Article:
This first and only (that I know of) sketch crawl OKC went down Saturday afternoon. First off, for those of you who have never heard of a sketch crawl…..it is a gathering of sketchers who meet in a specific time and place to sketch their surroundings together. If you are intimidated to sketch in public, I highly recommend trying one. I found that having other people around doing the same thing alleviated some anxiety I had about urban sketching. This particular one was hosted by the Myriad Botanical Gardens in Oklahoma City and directed/instructed by artist, Debby Kaspari. You can view her work and learn more about her on her blog, Drawing the Motmot.
Seven sketchers, including myself, met in the gardens to sketch with Debby. We learned some warm-up exercises, drew quick 1 minute line sketches of some potted plants, then went outside to sketch at 4 different locations around the gardens. Debby taught us how to see values, do thumbnail sketches, sketch with markers, and keep our pencil lines from smearing as well as sharing tips on perspective. She showed us her favorite tools, including a watercolor sketch box very similar to my new Sennelier set. She even handed out much needed binder clips to keep our paper still on such a windy day. I am not sure how Debby got any sketching done while teaching and encouraging all of us, but she did!
Now since inquiring minds want to know, here are my top 10 do’s and don’ts of outdoor sketching:
- Do bring a hat. It will keep the sun from glaring in your eyes and you may be able to ditch the sunglasses. I find that sunglasses distort my sense of color while I sketch.
- Do wear sunscreen and dress in layers. It was quite warm and humid at first, but when the wind picked up, it felt a lot cooler and I was glad I brought a jacket.
- Don’t bring all your favorite sketching supplies….just your favorite essentials. You will feel weighted down and disorganized very quickly. I brought all my favorite supplies, but I wish I had brought just one pencil, one pen, 2-3 paper towels, my watercolor kit, waterbrush, and small container of water.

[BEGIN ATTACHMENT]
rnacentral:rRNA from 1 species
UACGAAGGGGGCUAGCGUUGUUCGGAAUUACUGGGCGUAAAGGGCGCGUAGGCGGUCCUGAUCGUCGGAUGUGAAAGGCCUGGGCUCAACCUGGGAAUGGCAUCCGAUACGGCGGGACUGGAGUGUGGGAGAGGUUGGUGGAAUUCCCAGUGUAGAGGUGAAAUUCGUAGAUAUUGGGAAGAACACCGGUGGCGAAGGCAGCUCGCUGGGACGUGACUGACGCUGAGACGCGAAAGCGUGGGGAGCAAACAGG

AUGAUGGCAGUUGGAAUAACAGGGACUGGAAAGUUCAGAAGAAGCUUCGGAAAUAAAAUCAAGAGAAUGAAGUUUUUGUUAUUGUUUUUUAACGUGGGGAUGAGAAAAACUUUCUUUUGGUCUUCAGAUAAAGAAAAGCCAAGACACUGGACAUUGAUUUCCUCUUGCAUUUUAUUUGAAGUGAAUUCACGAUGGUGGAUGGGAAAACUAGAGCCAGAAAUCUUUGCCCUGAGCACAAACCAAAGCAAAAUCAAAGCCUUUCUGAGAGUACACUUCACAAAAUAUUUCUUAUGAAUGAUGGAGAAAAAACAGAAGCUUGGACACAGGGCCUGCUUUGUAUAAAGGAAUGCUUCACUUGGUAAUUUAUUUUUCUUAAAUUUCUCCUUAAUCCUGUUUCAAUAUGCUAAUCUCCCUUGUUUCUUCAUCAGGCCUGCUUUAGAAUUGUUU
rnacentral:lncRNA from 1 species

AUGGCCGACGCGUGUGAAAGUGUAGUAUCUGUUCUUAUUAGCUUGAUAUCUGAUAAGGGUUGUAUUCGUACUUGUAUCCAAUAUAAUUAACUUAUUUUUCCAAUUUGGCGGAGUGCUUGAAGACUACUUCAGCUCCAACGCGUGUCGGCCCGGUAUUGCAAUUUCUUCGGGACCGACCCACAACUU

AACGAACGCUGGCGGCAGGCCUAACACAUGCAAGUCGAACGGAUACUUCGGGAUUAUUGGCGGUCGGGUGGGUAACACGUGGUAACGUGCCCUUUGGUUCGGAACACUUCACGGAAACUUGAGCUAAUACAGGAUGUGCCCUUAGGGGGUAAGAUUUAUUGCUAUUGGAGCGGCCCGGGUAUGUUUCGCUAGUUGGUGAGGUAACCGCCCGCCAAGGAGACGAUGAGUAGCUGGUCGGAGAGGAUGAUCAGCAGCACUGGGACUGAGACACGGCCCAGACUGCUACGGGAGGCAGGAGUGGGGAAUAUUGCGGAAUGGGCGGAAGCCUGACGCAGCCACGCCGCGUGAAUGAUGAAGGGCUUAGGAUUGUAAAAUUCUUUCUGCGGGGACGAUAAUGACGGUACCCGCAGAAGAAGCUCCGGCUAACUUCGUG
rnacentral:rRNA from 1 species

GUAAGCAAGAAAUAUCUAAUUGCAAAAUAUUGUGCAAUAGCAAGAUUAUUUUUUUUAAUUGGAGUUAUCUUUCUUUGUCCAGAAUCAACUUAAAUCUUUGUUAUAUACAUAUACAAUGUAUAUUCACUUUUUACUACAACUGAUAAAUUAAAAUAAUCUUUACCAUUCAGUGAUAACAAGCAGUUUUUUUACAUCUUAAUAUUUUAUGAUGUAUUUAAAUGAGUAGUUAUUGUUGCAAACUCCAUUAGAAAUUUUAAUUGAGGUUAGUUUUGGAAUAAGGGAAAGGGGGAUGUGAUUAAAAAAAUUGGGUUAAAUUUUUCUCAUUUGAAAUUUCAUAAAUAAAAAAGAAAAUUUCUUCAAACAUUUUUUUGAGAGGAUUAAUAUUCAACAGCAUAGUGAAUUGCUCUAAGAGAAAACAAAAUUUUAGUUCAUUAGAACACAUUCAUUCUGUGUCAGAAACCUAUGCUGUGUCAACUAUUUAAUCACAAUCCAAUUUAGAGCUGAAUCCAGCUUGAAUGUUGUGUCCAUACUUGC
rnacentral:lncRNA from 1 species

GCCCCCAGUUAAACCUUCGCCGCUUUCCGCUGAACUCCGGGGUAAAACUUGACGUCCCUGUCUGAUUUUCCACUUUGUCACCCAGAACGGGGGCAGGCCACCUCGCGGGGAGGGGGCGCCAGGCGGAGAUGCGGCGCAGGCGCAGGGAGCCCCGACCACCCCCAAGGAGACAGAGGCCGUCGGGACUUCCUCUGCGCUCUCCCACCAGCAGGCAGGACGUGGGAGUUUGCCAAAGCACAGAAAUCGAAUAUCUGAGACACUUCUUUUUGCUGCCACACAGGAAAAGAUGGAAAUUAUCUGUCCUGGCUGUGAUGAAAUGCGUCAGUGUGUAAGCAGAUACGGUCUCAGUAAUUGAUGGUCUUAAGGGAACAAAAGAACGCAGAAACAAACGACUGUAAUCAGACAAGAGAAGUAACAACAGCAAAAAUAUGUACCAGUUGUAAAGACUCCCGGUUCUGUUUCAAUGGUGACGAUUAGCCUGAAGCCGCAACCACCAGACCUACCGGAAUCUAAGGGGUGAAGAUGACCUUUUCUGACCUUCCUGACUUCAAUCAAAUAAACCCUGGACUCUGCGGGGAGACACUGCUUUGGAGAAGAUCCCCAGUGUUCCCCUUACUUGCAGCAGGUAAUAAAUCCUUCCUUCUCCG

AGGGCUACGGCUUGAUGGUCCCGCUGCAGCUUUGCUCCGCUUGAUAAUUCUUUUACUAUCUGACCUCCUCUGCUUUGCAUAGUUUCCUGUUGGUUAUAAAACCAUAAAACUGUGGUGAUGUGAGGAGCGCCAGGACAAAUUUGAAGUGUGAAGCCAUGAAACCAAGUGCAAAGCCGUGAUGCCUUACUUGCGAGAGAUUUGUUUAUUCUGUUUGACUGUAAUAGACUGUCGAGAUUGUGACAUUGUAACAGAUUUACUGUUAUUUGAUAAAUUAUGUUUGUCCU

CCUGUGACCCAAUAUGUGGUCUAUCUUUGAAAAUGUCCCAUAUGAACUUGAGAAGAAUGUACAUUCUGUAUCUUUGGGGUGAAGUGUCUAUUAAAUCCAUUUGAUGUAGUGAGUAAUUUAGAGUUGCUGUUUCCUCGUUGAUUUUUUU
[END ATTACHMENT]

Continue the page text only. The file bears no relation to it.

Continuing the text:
- Do bring binder clips, especially if you live in a windy climate. Even if it’s not windy outside, you can use one to clip your paper towel to your book.
- Do bring something to sit on……unless you like sitting barefoot on a rock or the ground like one sketch-crawler did. This is something I would have never thought of. You can bring just a small towel or cushion that fits in your bag or a folding stool like the Travel chair or the Walkstool that you can carry over your shoulder. We borrowed folding chairs from one of the Myriad Gardens classrooms. We looked quite ridiculous carrying these bright white chairs all around the gardens and attracted even more attention to ourselves. One guy even asked me, “Ummmm ….art class?”.
- Don’t be intimidated when people stop to look over your shoulder. Just smile and keep working. They won’t stay long. People are fascinated by something different. Chances are very high that they only wish they could sketch like we do.
- Do give yourself a time limit. Setting your watch or phone timer for a reasonable time can give you a sense of urgency to finish more quickly and move on to your next spot. Debby gave us roughly 30 minutes at each location. I found this especially helpful because it is so easy to lose all sense of time while sketching.
- Do choose a safe location to sketch if sketching alone. Speaking of losing all sense of time and space…..you may get so absorbed in sketching that you don’t notice danger. Choose a place that has the ‘right crowd’ of people around.
- Don’t worry about creating a masterpiece. Sketching outside is all about remembering where you were, how you felt, and simply being in the here and now.
- Do get outside and sketch! Start in your backyard if you must, but go absorb some sunshine and practice your sketching. It’s fun!
Until later, my fellow sketchers…..this is KristyMichele signing out.